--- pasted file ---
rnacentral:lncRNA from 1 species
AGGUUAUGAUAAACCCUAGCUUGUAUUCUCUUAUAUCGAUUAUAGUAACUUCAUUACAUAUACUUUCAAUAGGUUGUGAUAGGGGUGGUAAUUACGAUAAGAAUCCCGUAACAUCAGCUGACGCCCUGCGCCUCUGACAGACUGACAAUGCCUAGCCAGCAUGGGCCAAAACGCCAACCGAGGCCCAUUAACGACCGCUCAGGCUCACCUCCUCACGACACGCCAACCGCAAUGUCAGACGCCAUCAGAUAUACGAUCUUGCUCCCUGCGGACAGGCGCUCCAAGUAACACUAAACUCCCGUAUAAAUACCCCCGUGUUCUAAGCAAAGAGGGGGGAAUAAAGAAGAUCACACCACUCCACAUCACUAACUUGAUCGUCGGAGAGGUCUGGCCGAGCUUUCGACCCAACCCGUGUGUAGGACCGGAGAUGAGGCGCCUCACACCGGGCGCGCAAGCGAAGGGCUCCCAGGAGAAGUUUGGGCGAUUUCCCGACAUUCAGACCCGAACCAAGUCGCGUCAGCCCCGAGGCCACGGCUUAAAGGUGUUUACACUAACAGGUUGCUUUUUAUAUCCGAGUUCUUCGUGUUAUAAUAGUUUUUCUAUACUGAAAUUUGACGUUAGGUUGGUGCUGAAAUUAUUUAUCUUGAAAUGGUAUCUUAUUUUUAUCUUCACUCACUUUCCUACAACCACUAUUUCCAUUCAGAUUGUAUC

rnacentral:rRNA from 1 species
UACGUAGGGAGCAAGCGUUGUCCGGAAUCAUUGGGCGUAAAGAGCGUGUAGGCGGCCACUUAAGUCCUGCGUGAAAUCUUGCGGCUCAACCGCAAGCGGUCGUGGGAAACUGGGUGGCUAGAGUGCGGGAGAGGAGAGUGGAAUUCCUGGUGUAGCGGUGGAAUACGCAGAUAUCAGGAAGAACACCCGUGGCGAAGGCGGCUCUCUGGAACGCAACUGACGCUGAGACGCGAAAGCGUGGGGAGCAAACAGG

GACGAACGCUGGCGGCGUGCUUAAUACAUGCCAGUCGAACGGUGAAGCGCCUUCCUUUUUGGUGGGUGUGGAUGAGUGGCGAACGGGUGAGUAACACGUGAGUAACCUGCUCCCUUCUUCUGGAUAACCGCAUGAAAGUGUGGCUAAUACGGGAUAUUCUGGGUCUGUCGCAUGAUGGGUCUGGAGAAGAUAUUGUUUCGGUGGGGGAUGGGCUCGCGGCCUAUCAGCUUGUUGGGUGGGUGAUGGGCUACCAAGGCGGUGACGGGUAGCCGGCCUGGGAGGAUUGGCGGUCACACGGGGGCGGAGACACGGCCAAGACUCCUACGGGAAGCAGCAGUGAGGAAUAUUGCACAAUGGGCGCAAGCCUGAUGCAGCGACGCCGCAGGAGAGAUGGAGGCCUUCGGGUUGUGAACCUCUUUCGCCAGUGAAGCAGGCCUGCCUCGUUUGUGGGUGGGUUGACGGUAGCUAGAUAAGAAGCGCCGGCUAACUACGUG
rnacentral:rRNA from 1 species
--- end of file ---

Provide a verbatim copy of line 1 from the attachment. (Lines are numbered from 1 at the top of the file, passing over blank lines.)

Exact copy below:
rnacentral:lncRNA from 1 species